upa-admin 02 Haziran 2014 3.330 Okunma 0

The overwhelming victory of eurosceptic and far-right parties in last week’s European Parliament elections made the headlines all over Europe.

Spain is one of the few countries where no far-right party gained nationwide support. The big surprise of Spain’s election was the emergence of “Podemos” (meaning “We can” in Spanish), a new left-wing party, which obtained more than 1.2 million votes (8 %) and 5 seats in the European Parliament, despite having been formally established only four months ago.

The European elections results have caused a major setback on Spain’s traditional bipartisanship. For the first time, the votes of the ruling conservative Partido Popular (PP) and the opposition Partido Socialista Obrero Español (PSOE) taken together fell short of the 50% of the total votes. Reacting to the spectacular success of “Podemos”, politicians from both right and left have warned of the rise of the extreme left and have compared it to the Latin American-style regimes.[1]

European elections are often understood as second-order national elections. Voter turnout is lower and representation of smaller parties is higher. However, “Podemos” wants to repeat its success in next year’s general elections with an aim to unseat the ruling PP party. Spain’s new leftwing party opposes austerity and the “political caste”, finding inspiration in the 15-M (indignados) movement[2], the citizen movement that broke out in Spain in 2011. Despite little economic resources (the campaign was financed via crowdfunding) and almost no media coverage, “Podemos”’ political message spread virally through social media. After the election results were released, all media attention suddenly turned on them.

The 15-M movement has celebrated its third anniversary this year. One of the historical claims of the protest movement has been to push for radical change in Spanish politics allowing greater citizen participation and putting an end to the privileges of the political caste. However, the movement never evolved into a political party.[3] “Podemos” wants to demonstrate that political change is possible presenting itself as an alternative political option. They have emerged as a successful story integrating social demands and political parties. The question is: they have come to stay?

A year ago, Turkey experienced the biggest mass demonstrations of the Republican era. Environmental protests over the demolition of Gezi Park rapidly turned into a nationwide anti-government protests. However, the ultimate reasons that led to the protests in Spain and Turkey were different. While in Spain the protests were mainly prompted by the worsening economic situation and the malfunction of the political system, the protests in Turkey were directed at the figure of Erdoğan at what critics say is an aggressive and authoritarian style of governance.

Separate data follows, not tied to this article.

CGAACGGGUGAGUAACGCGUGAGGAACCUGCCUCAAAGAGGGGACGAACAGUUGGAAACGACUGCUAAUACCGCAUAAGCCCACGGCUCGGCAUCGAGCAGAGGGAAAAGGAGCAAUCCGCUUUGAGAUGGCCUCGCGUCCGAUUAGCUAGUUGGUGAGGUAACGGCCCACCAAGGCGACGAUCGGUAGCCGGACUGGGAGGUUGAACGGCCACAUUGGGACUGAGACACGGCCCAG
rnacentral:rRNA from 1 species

Last year government’s heavy-handed response to the protests could not overshadow the emergence of a vibrant civil society in Turkey. High hopes were placed on active citizenry as the only hope for the country. Gezi protests have created an unprecedented sense of solidarity among disparate segments of Turkey’s society. However, the results of this social experiment appear to be underway. A year later, the political situation in Turkey has gone from bad to worse. Increased police and state violence and the government’s continued curtailment of citizens’ basic rights have been a real test for Turkish democracy.

Young Turks have grown up under Erdoğan’s 12 year-long rule and they are increasingly dissatisfied with the Justice and Development Party (AKP) dominance over Turkish politics. On the other hand, the main opposition party, the Republican People’s Party (CHP), has failed to take young people’s views on board.

Turkey should urgently listen to the new generation of forward-looking Turks who are struggling to make their collective voice be heard in the political process. Like in Spain, young Turks do not want to decide anymore between AKP and CHP.




[1] La Vanguardia, Felipe González sobre Podemos: “La alternativa bolivariana sería una catástrofe”, 29 May 2014, http://www.lavanguardia.com/politica/20140529/54409416644/felipe-gonzalez-sobre-podemos-la-alternativa-bolivariana-seria-una-catastrofe.html

[2] For more information on the development and evolution of the 15-M movement see https://www.academia.edu/6317100/Citizen_participation_in_Spain_after_15-M_a_turning_point_in_Spains_political_culture

[3] With the exception of “Partido X”, a political party founded in early 2013 by a group of 90 people related to the 15-M movement. Despite receiving more than 100.000 votes in the past European elections, the party did not win a seat in the European Parliament.

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